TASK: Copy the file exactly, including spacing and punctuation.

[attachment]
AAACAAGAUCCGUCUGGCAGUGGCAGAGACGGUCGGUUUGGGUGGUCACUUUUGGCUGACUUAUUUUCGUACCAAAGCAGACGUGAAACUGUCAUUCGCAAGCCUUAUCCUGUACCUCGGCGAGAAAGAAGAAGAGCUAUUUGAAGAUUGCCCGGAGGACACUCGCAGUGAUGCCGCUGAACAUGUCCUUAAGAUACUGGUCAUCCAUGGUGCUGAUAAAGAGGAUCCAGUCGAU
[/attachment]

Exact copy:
AAACAAGAUCCGUCUGGCAGUGGCAGAGACGGUCGGUUUGGGUGGUCACUUUUGGCUGACUUAUUUUCGUACCAAAGCAGACGUGAAACUGUCAUUCGCAAGCCUUAUCCUGUACCUCGGCGAGAAAGAAGAAGAGCUAUUUGAAGAUUGCCCGGAGGACACUCGCAGUGAUGCCGCUGAACAUGUCCUUAAGAUACUGGUCAUCCAUGGUGCUGAUAAAGAGGAUCCAGUCGAU